18. 18. web apps reside on a servercoded once for multiple OS’s
    19. 19. “In general, if a Web site is a configurable tool that a user employs frequently, it should probably be a native app.But if a Web site is an information portal whose focus is on content, it should probably be a mobile-optimized Web site.” --Jordan Julien
    20. 20. Characteristic Native WebDownloaded to the device XCoded in a language specific to the device OSObjective C, Java) XRuns in a browser XCoded in HTML, JavaScript, and CSS XDistributed via an app store XFull use of device hardware and APIs XLimited access to device hardware and data, as wellas user data X
    21. 21. hybrid apps written in native languages downloaded to the device can access APIscontent comes from the web
    22. 22. case studies
    23. 23. Articulate iPad AppFlash > Mobile conversion projectArticulate Storyline Desktop
    24. 24. Conversion from Articulate PresenterPurpose Extend delivery option of existing Flash-based desktop course to tablets.Output Web-based and native app to support Android, Windows and iOS devices.Tools Used Articulate Presenter and StorylineKey Team Me.MembersTimeline 2 weeks to convert 7 modules (2 hrs. of seat time) from Articulate Presenter to Storyline and output to both web and native versions.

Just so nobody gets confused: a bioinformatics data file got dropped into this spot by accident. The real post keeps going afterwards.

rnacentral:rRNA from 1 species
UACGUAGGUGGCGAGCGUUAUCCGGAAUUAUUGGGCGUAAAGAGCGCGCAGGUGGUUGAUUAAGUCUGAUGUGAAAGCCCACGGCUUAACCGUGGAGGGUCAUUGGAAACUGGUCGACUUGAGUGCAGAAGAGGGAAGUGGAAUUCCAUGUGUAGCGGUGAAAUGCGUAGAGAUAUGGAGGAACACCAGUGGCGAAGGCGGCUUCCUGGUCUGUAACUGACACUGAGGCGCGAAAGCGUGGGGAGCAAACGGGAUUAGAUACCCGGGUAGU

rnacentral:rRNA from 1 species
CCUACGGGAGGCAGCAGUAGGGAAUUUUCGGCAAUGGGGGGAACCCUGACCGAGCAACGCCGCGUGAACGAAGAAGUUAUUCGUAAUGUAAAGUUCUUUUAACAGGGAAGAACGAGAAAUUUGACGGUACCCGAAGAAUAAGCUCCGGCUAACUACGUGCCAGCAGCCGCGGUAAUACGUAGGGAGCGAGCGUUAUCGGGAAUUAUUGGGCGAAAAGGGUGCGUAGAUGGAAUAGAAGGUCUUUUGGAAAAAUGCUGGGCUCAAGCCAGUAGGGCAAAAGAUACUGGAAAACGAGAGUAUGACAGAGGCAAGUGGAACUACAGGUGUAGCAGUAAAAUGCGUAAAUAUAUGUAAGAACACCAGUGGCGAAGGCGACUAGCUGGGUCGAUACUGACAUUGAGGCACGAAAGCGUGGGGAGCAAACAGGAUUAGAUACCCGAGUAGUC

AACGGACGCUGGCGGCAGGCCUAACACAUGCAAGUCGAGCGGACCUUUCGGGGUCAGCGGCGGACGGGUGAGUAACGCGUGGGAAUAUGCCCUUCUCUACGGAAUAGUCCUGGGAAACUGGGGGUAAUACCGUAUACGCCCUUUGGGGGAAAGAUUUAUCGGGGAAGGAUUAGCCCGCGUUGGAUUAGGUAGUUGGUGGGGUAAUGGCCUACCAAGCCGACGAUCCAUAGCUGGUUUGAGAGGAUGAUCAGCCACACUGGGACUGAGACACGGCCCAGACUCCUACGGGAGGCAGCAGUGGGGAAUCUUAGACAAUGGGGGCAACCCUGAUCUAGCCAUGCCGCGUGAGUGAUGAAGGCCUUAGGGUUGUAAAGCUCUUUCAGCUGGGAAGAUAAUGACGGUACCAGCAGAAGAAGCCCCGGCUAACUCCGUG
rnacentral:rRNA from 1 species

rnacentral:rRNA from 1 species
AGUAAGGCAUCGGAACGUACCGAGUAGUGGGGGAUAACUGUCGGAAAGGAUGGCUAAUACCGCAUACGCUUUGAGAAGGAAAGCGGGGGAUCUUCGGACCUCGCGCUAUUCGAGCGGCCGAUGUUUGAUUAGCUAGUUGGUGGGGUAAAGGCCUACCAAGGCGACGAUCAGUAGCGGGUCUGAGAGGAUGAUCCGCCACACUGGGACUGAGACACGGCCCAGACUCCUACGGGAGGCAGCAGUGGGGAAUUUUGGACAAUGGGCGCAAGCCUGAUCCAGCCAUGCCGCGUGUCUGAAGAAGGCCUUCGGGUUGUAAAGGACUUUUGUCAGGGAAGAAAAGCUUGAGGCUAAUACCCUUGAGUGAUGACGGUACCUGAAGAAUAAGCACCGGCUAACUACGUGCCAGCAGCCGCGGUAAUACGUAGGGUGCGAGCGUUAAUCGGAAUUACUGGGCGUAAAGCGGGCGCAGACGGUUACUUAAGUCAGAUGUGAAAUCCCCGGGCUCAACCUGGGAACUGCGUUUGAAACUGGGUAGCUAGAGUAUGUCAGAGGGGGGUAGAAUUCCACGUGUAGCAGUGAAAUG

25. 25. Conversion from Articulate Presenter• Bottom Line: • Storyline easily converts existing Presenter files • Watch those Engage interactions • If you have substantial interaction, consider the iPad app over a web app (native). Complex tasks can be difficult using a tablet browser • Make sure your touchable areas look touchable • Know that when a user can’t activate navigation, they consider the app to be broken
    26. 26. Mobile App for New Hires Need to get FULL screenshot of app s Web Page using SnagIt?
    27. 27. Mobile App for New Hires: Mobile OnlyGame
    28. 28. Mobile App for New HiresPurpose Give new hires access to most requested information without the complication of a firewall and from whatever device they choose to use. App includes Oracle news, welcome videos from executives, a To Do list, the History of Oracle, and a game.Output Web-based mobile app that also works on a PC. By thinking mobile first, we were able to create a responsive web app that supports both mobile and desktop.Tools Used App was created in Dreamweaver with extensive use of CSS to create the responsive design.Key Team Web designer/programmer, graphic designer, instructional designers. HR SMEMembersTimeline Ongoing. While move new hire information to mobile is important, we have an iterative process with exhaustive reviews. We’re constantly refining and learning. Our goal is to get this one right and then apply our lessons learned to future apps.